Since making his Macau debut more than 3 years ago Yang has become a staple in the area with 4 fights there, including his excellent win over Patomsuk Pathompothong in March. It was that win that opened the door to the “Wildman of Chinese boxing” to get his world title fight, though at the time it wasn't clear who he'd be fighting, or when.
Since Yang's win over Patomsuk we've seen American fighter Lamont Peterson get stripped of his title, and open up a fight between Yang and Argentina's infamous Cuenca, a man with a 4.08% stoppage rate.
Cuenca boasts one of the long unbeaten runs in the sport. At 49 fights he has actually gone more fights with out a loss than Floyd Mayweather Jr, however he has never competed close to the level of Mayweather. In fact in his 49 fights it's hard to find too many recognisable opponents. His most notable foes are probably Albert Mensah, Carlos Wilfredo Vilches and Jose Alfaro. Good fighters in their own right, but not sensational fighters by any means.
Cuenca's most recent bout was his contest with Mensah back in May 2014. That bout was an IBF eliminator and it showed a lot of what Cuenca is about. He's a fight who uses a lot of quick and intelligent movement whilst using his jab as his key weapon. He's got good timing and is technically well schooled though his lack of power is real issue and he often looks a little predictable fighting almost entirely behind his southpaw jab, though he does have a sharp straight left. It's also notable that he seems to slap a lot of his punches and rarely puts his weight fully into a shot.
Something that is notable about Cuenca's past fights is that they often take place in large rings allowing him to make the most of his movement. What's notable is that he won't have that same privilege in Macau. Instead he'll be dumped into a relatively small ring where space will be at a premium and where he'll be forced to use a lot more energy to stay away from his foe.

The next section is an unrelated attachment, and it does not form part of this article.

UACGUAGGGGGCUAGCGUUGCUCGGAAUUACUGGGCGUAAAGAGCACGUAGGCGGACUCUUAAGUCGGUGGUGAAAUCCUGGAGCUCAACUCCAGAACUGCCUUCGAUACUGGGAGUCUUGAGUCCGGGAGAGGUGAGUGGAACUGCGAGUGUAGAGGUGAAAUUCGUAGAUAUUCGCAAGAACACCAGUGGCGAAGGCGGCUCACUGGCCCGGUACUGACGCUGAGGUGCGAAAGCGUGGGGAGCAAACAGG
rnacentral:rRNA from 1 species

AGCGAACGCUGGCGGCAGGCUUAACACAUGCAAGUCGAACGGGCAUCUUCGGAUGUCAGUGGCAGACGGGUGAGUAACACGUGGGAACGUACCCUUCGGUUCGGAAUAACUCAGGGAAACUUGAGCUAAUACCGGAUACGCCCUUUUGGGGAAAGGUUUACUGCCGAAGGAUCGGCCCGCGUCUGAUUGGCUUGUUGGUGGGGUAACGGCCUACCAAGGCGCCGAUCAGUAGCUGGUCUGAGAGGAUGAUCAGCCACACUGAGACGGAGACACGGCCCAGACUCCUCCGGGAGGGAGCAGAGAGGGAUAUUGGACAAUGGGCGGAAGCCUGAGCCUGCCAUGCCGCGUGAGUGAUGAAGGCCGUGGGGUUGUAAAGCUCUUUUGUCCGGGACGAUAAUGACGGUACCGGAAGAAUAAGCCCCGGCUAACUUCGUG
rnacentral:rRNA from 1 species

Watching Cuenca is actually really interesting for his movement with is genuinely very intelligent. However he's now 34 and hasn't fought in a year. Those things will almost certainly effect his energy, timing and sharpness, all of which he depends on when he's at his best. If he runs out of steam or can't control a wild man like Yang he could find himself in a lot of trouble, especially late on.
We're expecting to see a less than sharp Cuenca in action and we're expecting to see him put into a ring that isn't friendly to his style. If we're right then the Argentinian will find himself forced to fight more than usual. Although technically a much better boxer than Yang we're expecting to see Cuenca bulled about, rushed, and tagged by caveman like shots from the Chinese fighter who will always look the busier man. Given Cuenca is quite negative but appears to be tough we're expect to see him make schedule but lose a wide decision with the judges not buying in to his hit and run strategy.
World Title Previews
The biggest fights get broken down as we try to predict who will come out on top in the up coming world title bouts.